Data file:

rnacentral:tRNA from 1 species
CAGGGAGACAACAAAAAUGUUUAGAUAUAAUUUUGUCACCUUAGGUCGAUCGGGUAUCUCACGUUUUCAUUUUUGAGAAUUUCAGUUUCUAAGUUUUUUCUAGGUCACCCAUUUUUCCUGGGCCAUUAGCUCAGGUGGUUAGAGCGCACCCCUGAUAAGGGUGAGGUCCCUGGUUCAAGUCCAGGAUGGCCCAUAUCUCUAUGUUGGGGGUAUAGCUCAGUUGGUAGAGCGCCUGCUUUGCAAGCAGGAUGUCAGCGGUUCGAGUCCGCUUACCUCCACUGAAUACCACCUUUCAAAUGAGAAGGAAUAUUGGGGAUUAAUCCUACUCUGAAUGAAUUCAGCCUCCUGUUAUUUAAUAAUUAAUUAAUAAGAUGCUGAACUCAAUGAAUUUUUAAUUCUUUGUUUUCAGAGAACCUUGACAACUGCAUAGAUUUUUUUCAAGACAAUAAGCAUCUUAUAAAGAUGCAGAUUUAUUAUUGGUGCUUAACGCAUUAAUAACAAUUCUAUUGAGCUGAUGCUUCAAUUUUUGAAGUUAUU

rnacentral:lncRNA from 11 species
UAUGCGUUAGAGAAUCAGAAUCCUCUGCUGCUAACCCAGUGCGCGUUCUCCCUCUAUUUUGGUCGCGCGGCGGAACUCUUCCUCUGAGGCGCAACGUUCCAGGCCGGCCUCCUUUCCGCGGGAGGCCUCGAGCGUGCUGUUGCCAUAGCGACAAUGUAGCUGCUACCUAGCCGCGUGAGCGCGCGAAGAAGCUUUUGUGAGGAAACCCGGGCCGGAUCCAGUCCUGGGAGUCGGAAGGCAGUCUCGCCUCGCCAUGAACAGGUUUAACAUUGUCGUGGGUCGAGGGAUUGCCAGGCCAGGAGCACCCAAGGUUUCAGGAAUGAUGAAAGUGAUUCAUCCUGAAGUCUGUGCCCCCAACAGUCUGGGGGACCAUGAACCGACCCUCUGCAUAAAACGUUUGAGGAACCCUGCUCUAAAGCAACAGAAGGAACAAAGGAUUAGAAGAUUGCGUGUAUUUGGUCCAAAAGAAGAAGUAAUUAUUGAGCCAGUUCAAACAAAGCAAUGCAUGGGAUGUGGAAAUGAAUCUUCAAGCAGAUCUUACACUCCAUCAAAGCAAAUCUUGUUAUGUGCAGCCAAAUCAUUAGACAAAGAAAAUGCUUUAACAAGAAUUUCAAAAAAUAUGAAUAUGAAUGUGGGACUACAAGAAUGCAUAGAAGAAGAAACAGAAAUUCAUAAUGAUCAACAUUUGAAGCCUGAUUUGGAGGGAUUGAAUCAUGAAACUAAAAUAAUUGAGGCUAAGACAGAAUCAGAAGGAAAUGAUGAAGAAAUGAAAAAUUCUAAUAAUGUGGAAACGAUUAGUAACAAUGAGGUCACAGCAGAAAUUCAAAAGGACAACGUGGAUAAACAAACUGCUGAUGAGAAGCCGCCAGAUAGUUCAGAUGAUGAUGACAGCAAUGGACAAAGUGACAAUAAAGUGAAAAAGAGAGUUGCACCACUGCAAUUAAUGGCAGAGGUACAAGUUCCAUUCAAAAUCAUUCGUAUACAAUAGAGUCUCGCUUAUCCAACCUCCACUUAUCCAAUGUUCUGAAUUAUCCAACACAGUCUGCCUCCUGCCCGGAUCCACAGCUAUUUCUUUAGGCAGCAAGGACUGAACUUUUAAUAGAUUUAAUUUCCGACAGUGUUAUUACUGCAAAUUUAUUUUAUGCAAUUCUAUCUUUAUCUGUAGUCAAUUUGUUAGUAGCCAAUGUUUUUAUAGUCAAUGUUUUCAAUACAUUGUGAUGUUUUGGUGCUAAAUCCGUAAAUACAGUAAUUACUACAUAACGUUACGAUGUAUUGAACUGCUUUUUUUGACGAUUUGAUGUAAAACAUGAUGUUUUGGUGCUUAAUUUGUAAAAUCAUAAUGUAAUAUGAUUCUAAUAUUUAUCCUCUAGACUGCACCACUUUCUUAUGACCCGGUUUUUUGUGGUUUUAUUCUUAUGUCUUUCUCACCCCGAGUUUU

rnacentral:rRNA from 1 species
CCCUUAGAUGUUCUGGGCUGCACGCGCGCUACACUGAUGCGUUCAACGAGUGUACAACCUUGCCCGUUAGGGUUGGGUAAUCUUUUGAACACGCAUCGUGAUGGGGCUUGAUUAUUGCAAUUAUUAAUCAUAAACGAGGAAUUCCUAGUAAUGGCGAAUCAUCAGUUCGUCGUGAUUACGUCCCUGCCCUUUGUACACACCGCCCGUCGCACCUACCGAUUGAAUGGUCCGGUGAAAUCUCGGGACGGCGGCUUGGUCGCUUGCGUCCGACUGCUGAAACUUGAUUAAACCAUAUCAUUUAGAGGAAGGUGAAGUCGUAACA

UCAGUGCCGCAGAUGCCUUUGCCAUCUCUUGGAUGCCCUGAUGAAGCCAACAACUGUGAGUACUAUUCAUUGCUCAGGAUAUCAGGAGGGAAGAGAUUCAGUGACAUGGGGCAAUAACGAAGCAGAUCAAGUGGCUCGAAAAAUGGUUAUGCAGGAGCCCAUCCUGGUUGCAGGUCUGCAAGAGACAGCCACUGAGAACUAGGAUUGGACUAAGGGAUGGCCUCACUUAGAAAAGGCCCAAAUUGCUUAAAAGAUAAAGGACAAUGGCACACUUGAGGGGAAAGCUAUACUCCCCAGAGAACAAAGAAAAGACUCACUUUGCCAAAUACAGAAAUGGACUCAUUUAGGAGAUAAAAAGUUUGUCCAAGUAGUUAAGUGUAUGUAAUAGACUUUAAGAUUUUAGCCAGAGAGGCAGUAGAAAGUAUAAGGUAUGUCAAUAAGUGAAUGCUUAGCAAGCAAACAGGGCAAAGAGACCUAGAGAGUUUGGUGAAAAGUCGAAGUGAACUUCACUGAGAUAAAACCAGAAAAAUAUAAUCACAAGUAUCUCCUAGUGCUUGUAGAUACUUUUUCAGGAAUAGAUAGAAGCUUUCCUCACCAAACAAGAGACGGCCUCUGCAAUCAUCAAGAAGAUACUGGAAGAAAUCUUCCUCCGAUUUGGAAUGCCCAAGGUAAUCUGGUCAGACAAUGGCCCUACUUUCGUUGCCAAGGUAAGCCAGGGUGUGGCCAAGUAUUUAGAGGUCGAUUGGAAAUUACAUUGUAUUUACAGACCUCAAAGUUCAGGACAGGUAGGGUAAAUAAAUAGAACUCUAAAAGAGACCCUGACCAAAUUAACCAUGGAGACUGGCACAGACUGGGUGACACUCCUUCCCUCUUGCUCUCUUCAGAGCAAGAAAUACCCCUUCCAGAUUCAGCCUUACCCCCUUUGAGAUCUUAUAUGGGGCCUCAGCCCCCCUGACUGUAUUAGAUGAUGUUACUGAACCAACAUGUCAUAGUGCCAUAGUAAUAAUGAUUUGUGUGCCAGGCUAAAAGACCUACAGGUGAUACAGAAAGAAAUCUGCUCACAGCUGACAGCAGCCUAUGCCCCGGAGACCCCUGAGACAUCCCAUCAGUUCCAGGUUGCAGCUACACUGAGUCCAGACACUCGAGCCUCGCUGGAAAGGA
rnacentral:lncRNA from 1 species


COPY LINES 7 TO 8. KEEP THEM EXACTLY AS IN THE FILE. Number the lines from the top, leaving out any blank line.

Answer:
UCAGUGCCGCAGAUGCCUUUGCCAUCUCUUGGAUGCCCUGAUGAAGCCAACAACUGUGAGUACUAUUCAUUGCUCAGGAUAUCAGGAGGGAAGAGAUUCAGUGACAUGGGGCAAUAACGAAGCAGAUCAAGUGGCUCGAAAAAUGGUUAUGCAGGAGCCCAUCCUGGUUGCAGGUCUGCAAGAGACAGCCACUGAGAACUAGGAUUGGACUAAGGGAUGGCCUCACUUAGAAAAGGCCCAAAUUGCUUAAAAGAUAAAGGACAAUGGCACACUUGAGGGGAAAGCUAUACUCCCCAGAGAACAAAGAAAAGACUCACUUUGCCAAAUACAGAAAUGGACUCAUUUAGGAGAUAAAAAGUUUGUCCAAGUAGUUAAGUGUAUGUAAUAGACUUUAAGAUUUUAGCCAGAGAGGCAGUAGAAAGUAUAAGGUAUGUCAAUAAGUGAAUGCUUAGCAAGCAAACAGGGCAAAGAGACCUAGAGAGUUUGGUGAAAAGUCGAAGUGAACUUCACUGAGAUAAAACCAGAAAAAUAUAAUCACAAGUAUCUCCUAGUGCUUGUAGAUACUUUUUCAGGAAUAGAUAGAAGCUUUCCUCACCAAACAAGAGACGGCCUCUGCAAUCAUCAAGAAGAUACUGGAAGAAAUCUUCCUCCGAUUUGGAAUGCCCAAGGUAAUCUGGUCAGACAAUGGCCCUACUUUCGUUGCCAAGGUAAGCCAGGGUGUGGCCAAGUAUUUAGAGGUCGAUUGGAAAUUACAUUGUAUUUACAGACCUCAAAGUUCAGGACAGGUAGGGUAAAUAAAUAGAACUCUAAAAGAGACCCUGACCAAAUUAACCAUGGAGACUGGCACAGACUGGGUGACACUCCUUCCCUCUUGCUCUCUUCAGAGCAAGAAAUACCCCUUCCAGAUUCAGCCUUACCCCCUUUGAGAUCUUAUAUGGGGCCUCAGCCCCCCUGACUGUAUUAGAUGAUGUUACUGAACCAACAUGUCAUAGUGCCAUAGUAAUAAUGAUUUGUGUGCCAGGCUAAAAGACCUACAGGUGAUACAGAAAGAAAUCUGCUCACAGCUGACAGCAGCCUAUGCCCCGGAGACCCCUGAGACAUCCCAUCAGUUCCAGGUUGCAGCUACACUGAGUCCAGACACUCGAGCCUCGCUGGAAAGGA
rnacentral:lncRNA from 1 species